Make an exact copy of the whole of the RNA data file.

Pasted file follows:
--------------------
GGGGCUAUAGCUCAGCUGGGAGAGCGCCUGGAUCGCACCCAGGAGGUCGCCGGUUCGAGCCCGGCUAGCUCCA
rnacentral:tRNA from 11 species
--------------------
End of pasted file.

GGGGCUAUAGCUCAGCUGGGAGAGCGCCUGGAUCGCACCCAGGAGGUCGCCGGUUCGAGCCCGGCUAGCUCCA
rnacentral:tRNA from 11 species